Roosting birds might be interesting to watch, but their nest-building activities and droppings cause unwelcome issues for your home and landscape. Bird deterrents can keep birds from making your yard their home. Here are some different types of deterrents for you to consider:
Visual Bird Deterrents
Visual bird deterrents take advantage of birds’ instinctive fears. One example of an effective visual deterrent is a replica of a predator bird, such as a hawk, eagle, or owl. These are available as kites, balloons, or realistic replicas made of molded plastic.
Products that move can be more effective deterrents than stationary items. Birds can be smart creatures, and as they return to the area and see that your plastic owl has never moved, they can catch on that the fake predator is not a real threat.
The best visual bird deterrents are those that appear realistic and either move like realistic predators, or flap or jerk in the wind.
Placement is also important. If you position one deterrent in one area of the yard, birds will often go to the other side of the yard to nest. Place several visual deterrents around the yard near common nesting sites, such as trees and house eaves.
Bird Deterrent Barriers
Physical barriers provide the most effective means to prevent birds from making a home where you do not want them. The demand for bird control has led to the invention of many kinds of barriers. Here are a few examples of the most common and practical barriers:
Installed over common nesting areas, such as eaves, heavy-duty netting offers a secure way to prevent birds from building nests on the home or commercial building. It can also be stretched over courtyards or patios to prevent birds from entering these areas.
The advantages of using netting as a barrier include ease of use and cost effectiveness. The disadvantages are that nets pose a danger to birds and other wildlife because the animals can become entangled. Loosely woven nets and nets in disrepair are the worst offenders.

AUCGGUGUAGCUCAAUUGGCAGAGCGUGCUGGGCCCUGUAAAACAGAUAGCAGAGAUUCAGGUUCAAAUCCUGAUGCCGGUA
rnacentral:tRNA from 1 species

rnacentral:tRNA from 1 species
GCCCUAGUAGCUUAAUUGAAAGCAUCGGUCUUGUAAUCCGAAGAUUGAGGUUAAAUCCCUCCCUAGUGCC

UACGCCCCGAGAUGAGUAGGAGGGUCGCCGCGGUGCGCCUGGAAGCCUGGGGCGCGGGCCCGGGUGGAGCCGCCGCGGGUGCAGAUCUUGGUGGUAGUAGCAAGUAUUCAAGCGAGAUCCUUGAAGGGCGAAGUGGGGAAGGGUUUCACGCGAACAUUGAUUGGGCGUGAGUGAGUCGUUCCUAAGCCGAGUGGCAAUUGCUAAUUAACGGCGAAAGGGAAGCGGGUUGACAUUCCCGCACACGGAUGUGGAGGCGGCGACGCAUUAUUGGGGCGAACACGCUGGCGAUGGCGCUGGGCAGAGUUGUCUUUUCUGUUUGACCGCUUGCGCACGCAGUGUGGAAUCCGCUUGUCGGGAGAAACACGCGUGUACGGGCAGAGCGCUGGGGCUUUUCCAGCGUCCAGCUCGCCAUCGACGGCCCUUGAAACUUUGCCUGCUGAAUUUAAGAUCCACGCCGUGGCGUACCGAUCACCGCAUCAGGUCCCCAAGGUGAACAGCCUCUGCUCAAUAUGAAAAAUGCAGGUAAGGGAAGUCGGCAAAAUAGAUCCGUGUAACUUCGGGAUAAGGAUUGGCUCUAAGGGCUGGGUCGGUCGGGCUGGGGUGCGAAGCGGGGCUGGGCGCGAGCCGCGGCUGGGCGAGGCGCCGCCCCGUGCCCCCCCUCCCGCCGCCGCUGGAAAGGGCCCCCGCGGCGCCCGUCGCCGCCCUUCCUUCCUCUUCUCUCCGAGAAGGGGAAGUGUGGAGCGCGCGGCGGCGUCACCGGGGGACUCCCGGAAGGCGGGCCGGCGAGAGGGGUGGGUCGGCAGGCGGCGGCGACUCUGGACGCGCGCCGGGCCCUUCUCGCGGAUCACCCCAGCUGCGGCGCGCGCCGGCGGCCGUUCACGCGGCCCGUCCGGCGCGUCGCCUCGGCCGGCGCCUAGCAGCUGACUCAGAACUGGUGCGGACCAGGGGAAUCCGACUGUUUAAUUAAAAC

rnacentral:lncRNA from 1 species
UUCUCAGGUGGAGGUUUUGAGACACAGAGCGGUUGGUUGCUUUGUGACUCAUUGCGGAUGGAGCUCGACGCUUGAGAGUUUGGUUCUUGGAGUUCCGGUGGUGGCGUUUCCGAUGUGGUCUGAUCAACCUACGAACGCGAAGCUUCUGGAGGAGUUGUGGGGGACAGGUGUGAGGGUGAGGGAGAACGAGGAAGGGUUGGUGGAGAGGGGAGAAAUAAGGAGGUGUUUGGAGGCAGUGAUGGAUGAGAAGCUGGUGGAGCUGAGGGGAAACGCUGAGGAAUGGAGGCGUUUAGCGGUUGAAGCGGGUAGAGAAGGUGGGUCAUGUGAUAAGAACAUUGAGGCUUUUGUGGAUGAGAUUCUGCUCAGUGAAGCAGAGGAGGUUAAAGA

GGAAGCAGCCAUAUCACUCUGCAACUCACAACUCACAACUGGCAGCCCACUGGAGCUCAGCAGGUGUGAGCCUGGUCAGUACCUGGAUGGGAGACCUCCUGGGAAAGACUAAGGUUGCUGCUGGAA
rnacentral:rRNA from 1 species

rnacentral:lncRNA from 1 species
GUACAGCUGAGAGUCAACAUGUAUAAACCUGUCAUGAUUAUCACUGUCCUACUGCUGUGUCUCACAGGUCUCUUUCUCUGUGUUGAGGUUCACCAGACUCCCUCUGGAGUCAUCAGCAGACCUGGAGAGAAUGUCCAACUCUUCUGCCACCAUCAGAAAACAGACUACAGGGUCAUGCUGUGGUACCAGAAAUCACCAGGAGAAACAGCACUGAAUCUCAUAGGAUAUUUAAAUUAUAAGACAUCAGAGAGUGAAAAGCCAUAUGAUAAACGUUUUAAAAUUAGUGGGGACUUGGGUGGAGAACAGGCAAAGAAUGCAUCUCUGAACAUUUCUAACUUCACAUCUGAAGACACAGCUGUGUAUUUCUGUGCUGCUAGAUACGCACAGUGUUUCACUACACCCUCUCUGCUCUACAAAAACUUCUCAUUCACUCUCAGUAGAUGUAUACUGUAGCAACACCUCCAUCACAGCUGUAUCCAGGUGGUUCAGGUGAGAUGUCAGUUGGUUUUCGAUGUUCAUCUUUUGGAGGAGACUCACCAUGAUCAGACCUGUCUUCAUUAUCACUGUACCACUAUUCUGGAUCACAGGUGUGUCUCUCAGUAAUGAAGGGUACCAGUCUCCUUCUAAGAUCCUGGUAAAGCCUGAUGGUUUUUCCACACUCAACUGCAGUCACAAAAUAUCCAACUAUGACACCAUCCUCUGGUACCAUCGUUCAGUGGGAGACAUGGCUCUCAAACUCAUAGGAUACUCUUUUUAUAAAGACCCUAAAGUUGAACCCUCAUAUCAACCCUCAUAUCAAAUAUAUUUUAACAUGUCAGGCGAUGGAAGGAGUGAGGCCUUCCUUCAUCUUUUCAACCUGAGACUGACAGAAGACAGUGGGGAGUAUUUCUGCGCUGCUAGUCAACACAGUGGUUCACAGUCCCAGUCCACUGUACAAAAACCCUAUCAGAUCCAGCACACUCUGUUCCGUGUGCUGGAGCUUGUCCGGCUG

If you choose netting, use stiff nets with holes smaller than the diameter of a finger and secure the nets taut. A safer, sturdier alternative to nets is chicken wire or similar hard fencing.
Bird spikes discourage birds from nesting in gutters and eaves, or on window ledges and similar areas. Most spikes sold are blunt-tipped to prevent harm and consist of a strip of spikes that are two to three inches long and stick up at alternating angles.
There are several formulas of bird repellant gels on the market. These can be used on structures and objects, and the gels deter birds by creating an odoriferous and displeasing tacky surface. Most are non-toxic and inexpensive.
Deterrents that use sound provide a way to deter many birds at once over a large area. Some use distress calls, while others use predator sounds, such as barking or screeching.
Before buying these kinds of products, make sure you listen to them first. Some sound systems can be too obnoxious to use in residential neighborhoods.
Noise is most effective if you also incorporate visual deterrents, such as predator replicas. The combination of frightening sights and sounds startles visiting birds and makes your yard less attractive to them.
Given the large number of birds and their ability to travel easily, it is difficult to eliminate them fully from a yard. However, you can prevent them from nesting in unwanted spaces, and you’ll see results the fastest by implementing several methods and products together.
To find out more about avian pest control, visit our website. Our professionals at Bain Pest Control can help!